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Comment: Why supply chain visibility is the key to Black Friday

Today is Black Friday – arguably the biggest and most anticipated shopping day of the year – where retailers slash prices to kick start the Christmas shopping period.

Imported from the USA five years ago, last year Black Friday came into its own and hit the headlines and wallets of UK consumers. Despite this peak at the height of the retail shopping season, retailers are inconsistent in their attitude towards this new ‘shopping holiday’.

Last year's event saw unprecedented levels of demand with Black Friday 2014 overtaking Cyber Monday – the Monday after Thanksgiving in the US – as the biggest online shopping day of the year. According to the IMRG, the UK's industry association for e-retail, the participating retailers experienced an average sales uplift of 180% and shopping traffic was 50% higher than anticipated. While a sales uplift is usually considered a positive thing, many retailers were unprepared for the surge in traffic, orders, deliveries and then returns. Websites crashed leaving dissatisfied customers and the volume of orders placed within such a short period putting significant pressure on carrier and retail fulfilment operations for days – and when you take into account returns – weeks.

The scale of discounting on Black Friday can also present a profitability threat for retailers. A simple Google search finds numerous examples of the Black Friday sales increases experienced by many retailers. What is absent from these accounts is any mention of margins.  So why do retailers participate? Well, there are several very good reasons:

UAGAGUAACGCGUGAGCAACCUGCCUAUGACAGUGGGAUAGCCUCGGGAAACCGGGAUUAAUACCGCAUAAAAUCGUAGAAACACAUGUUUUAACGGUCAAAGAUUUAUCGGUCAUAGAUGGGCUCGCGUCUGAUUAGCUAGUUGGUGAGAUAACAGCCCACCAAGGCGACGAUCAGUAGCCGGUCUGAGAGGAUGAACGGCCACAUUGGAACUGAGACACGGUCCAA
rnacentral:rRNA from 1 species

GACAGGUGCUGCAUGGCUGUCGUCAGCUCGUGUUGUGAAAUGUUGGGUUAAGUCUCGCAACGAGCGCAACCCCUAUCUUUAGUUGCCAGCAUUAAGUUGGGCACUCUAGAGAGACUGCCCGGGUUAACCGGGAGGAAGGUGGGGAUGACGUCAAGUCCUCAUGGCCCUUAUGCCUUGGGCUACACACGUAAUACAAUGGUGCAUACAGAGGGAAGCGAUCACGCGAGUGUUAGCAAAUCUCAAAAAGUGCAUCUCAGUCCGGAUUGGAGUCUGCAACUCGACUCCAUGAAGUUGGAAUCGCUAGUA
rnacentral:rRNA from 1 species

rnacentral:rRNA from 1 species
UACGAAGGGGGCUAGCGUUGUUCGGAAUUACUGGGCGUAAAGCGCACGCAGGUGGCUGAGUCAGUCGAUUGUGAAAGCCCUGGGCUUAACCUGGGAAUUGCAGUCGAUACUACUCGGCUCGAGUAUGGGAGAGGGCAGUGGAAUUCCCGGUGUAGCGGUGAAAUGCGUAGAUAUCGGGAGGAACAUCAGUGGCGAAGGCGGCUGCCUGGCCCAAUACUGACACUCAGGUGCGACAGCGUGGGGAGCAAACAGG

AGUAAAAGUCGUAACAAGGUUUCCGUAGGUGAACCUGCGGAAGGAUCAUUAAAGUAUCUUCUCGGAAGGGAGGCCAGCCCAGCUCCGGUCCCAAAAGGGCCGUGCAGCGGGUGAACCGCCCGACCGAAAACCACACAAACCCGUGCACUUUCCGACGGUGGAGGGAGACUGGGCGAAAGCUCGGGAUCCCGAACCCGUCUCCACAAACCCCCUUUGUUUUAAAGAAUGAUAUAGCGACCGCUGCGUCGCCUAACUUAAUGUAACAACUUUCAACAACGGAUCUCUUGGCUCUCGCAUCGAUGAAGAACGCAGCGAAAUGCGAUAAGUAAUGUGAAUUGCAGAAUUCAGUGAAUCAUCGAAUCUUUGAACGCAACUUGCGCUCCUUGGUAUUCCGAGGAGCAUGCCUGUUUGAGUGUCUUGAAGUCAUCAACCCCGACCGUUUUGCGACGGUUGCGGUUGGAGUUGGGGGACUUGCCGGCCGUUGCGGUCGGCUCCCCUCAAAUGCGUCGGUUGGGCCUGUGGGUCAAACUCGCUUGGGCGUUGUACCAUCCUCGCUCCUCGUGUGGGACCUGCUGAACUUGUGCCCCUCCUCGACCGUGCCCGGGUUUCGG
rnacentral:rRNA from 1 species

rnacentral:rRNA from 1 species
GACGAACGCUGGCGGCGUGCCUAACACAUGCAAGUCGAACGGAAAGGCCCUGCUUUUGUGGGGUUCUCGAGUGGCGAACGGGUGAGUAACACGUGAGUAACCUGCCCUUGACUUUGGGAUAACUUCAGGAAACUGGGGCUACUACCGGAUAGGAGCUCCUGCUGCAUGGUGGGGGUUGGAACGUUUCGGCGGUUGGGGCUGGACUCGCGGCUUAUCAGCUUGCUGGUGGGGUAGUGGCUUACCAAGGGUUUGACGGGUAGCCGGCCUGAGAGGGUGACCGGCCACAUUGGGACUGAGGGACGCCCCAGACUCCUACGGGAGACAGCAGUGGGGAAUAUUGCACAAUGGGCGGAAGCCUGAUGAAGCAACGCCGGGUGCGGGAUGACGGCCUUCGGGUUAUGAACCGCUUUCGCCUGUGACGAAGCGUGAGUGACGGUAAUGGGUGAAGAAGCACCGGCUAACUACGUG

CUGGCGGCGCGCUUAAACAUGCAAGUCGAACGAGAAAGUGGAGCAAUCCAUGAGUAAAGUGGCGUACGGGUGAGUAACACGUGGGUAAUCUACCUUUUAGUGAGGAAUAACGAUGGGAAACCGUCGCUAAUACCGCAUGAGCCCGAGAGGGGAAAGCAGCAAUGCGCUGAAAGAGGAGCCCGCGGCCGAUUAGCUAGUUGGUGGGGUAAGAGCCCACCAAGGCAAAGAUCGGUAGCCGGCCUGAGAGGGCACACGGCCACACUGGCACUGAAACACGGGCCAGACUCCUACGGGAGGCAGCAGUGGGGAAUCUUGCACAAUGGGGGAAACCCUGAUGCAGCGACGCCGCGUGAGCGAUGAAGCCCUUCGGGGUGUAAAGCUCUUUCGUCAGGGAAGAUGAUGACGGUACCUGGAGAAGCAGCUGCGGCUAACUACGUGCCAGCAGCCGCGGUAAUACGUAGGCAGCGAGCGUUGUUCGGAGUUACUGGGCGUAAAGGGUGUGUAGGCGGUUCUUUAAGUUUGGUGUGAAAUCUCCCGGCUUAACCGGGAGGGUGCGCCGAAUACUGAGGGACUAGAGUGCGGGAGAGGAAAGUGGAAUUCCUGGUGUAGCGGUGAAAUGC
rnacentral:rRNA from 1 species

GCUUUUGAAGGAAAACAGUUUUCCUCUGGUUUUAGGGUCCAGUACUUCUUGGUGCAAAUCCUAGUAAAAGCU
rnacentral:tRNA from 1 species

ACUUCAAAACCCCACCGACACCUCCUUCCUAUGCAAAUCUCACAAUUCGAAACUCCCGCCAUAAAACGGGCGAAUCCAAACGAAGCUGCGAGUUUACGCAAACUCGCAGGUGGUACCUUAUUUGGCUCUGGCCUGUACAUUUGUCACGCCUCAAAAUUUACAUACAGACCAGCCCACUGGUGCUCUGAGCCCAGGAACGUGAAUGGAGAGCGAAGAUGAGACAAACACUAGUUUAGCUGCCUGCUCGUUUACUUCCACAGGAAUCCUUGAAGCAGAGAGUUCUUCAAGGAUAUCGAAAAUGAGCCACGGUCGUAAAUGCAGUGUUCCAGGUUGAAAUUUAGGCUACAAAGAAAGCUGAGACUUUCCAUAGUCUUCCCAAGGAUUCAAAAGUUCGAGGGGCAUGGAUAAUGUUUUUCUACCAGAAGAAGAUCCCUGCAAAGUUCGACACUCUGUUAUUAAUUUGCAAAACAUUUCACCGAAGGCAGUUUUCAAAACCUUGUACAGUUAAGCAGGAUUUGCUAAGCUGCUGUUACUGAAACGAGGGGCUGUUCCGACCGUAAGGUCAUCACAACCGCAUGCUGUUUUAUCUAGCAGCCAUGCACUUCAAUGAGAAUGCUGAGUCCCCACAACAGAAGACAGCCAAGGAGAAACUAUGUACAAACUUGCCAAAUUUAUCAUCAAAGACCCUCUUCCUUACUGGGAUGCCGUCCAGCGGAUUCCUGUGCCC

Although Asda has notably dropped out of this year’s Black Friday activities, bargain shopping events appear to be on the rise. In July, Amazon launched its first ever Prime shopping day surpassing its 2014 Black Friday sales record. UK and US retailers have also begun participating in the shopping events of their international markets like China’s Singles Day. Singles Day is now reported as the biggest online shopping day of the year with Alibaba customers spending over £9bn in 24 hours. Gap also reported at Drapers Fashion Forum that it’s online Singles Day sales surpassed the yearly turnover of its top two Chinese stores combined.

So how can retailers participate in shopping events like Black Friday and also protect their margin? The answer lies in their supply chain.

Discounts aside, Black Friday is essentially about peak management – it’s all about handling a large influx of traffic, sales and orders delivered to the consumer at a reduced price. Many spout the virtues of accurate forecasting and increased server capacity as the keys to Black Friday success. And, whilst you can’t ignore these, a retail crystal ball combined with all the servers in the world is futile if you are unable to fulfil that order in a cost effective and efficient way. How you serve that order – or the flexibility and efficiency of your supply chain – plays a much bigger role in whether your activity on Black Friday brings value to your organisation.

There are many factors that contribute to a flexible and efficient supply chain. However, it starts with visibility. Having visibility of your stock – knowing what it is, where it is and how much you have – is critical to managing the products within your supply chain.

When you have real time visibility of your inventory and know exactly where your stock is, you have these advantages too:

GS1 UK provides a regular column for Essential Retail focused on technology, in relation to retail industry standards and the wider supply chain.

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